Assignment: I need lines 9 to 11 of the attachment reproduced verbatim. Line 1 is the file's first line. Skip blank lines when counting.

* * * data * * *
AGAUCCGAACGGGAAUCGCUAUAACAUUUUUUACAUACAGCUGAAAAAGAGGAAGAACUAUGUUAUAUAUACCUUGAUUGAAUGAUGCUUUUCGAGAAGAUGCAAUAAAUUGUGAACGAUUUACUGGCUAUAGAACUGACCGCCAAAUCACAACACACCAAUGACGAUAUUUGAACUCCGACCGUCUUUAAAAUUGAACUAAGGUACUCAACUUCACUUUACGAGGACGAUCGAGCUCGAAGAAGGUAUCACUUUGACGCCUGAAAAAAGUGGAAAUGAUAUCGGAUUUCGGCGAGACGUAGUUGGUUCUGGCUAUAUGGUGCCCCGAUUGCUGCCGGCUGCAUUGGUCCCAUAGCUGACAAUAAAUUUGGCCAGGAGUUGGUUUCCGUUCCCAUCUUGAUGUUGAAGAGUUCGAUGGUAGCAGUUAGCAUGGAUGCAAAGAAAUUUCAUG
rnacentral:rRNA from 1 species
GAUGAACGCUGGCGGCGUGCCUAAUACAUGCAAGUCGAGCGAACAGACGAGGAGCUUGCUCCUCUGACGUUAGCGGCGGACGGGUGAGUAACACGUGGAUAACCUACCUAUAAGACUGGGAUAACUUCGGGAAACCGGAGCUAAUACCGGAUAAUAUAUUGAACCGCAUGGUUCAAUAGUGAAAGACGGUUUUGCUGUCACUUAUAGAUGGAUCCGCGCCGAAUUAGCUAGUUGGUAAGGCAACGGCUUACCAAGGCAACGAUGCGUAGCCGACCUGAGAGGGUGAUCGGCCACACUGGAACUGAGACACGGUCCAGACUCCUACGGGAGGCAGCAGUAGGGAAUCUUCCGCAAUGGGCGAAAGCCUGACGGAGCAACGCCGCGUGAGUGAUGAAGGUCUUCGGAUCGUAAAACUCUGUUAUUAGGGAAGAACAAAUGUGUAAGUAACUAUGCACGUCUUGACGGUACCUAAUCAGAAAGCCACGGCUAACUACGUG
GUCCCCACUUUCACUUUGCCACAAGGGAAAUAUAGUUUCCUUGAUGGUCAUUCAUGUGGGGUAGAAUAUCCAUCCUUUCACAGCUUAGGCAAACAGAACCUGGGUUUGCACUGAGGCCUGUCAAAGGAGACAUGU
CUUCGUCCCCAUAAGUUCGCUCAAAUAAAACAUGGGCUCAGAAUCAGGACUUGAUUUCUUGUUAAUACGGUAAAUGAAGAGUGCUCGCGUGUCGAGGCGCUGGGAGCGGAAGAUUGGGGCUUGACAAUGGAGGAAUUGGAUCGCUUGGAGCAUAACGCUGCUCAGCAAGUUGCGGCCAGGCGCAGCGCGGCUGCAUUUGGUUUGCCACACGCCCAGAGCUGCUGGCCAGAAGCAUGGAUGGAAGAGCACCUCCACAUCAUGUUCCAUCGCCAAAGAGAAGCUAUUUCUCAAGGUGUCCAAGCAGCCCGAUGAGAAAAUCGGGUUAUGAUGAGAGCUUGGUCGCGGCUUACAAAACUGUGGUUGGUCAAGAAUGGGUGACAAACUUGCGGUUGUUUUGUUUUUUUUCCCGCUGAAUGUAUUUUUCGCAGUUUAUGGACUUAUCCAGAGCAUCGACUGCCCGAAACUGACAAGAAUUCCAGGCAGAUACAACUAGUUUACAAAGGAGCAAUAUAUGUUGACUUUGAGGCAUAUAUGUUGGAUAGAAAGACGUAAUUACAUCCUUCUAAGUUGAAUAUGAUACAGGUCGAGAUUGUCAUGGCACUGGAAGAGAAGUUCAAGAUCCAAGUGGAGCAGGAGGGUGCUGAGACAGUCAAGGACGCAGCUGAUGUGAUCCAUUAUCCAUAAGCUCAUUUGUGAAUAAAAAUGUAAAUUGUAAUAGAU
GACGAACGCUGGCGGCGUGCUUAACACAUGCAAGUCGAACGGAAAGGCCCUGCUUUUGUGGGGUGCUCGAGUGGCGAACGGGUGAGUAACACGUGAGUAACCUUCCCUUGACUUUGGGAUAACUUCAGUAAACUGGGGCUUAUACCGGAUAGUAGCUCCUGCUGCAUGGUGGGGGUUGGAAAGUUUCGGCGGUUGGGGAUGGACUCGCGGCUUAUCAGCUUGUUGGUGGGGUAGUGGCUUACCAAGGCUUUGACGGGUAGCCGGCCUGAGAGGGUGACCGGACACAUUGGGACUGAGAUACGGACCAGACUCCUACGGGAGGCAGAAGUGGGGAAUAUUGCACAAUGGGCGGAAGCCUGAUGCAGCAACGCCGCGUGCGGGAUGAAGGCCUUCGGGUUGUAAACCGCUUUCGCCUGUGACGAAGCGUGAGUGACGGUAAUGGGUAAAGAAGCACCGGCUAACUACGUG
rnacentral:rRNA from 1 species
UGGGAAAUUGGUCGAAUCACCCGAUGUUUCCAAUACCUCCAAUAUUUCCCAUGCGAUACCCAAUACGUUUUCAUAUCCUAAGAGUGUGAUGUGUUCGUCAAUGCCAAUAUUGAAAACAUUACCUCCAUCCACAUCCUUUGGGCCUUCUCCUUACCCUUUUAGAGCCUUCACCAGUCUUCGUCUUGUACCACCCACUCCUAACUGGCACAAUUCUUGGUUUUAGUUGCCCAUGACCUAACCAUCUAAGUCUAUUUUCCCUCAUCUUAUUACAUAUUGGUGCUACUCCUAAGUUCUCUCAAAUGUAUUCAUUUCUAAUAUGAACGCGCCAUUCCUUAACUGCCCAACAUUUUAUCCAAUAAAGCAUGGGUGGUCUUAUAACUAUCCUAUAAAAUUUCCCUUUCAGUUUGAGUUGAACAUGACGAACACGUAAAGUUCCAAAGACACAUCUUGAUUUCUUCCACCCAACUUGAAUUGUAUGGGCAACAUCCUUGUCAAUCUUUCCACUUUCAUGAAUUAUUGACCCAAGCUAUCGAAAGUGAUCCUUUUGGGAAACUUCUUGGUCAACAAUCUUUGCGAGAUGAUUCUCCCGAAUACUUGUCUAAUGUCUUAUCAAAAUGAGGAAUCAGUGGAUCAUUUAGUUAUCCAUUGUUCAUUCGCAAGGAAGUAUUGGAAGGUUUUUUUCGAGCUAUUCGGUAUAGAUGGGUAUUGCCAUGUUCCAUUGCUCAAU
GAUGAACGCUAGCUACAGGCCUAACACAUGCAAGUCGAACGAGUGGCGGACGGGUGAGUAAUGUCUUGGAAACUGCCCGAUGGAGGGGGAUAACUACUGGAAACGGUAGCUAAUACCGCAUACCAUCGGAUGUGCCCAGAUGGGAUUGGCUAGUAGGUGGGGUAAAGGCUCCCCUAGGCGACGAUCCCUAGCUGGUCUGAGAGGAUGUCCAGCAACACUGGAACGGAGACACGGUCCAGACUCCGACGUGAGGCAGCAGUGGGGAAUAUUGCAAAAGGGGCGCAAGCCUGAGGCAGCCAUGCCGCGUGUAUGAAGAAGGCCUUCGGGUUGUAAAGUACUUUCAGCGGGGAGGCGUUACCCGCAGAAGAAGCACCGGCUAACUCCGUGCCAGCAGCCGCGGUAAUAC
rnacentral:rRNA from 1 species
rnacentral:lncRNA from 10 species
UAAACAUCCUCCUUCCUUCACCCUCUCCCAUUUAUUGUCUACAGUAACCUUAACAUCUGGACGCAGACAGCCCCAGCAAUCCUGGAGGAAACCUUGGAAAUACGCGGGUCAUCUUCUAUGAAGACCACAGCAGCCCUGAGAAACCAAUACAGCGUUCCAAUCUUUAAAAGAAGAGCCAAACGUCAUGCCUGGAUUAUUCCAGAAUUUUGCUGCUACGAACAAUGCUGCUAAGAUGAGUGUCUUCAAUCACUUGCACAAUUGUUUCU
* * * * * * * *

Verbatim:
GAUGAACGCUAGCUACAGGCCUAACACAUGCAAGUCGAACGAGUGGCGGACGGGUGAGUAAUGUCUUGGAAACUGCCCGAUGGAGGGGGAUAACUACUGGAAACGGUAGCUAAUACCGCAUACCAUCGGAUGUGCCCAGAUGGGAUUGGCUAGUAGGUGGGGUAAAGGCUCCCCUAGGCGACGAUCCCUAGCUGGUCUGAGAGGAUGUCCAGCAACACUGGAACGGAGACACGGUCCAGACUCCGACGUGAGGCAGCAGUGGGGAAUAUUGCAAAAGGGGCGCAAGCCUGAGGCAGCCAUGCCGCGUGUAUGAAGAAGGCCUUCGGGUUGUAAAGUACUUUCAGCGGGGAGGCGUUACCCGCAGAAGAAGCACCGGCUAACUCCGUGCCAGCAGCCGCGGUAAUAC
rnacentral:rRNA from 1 species
rnacentral:lncRNA from 10 species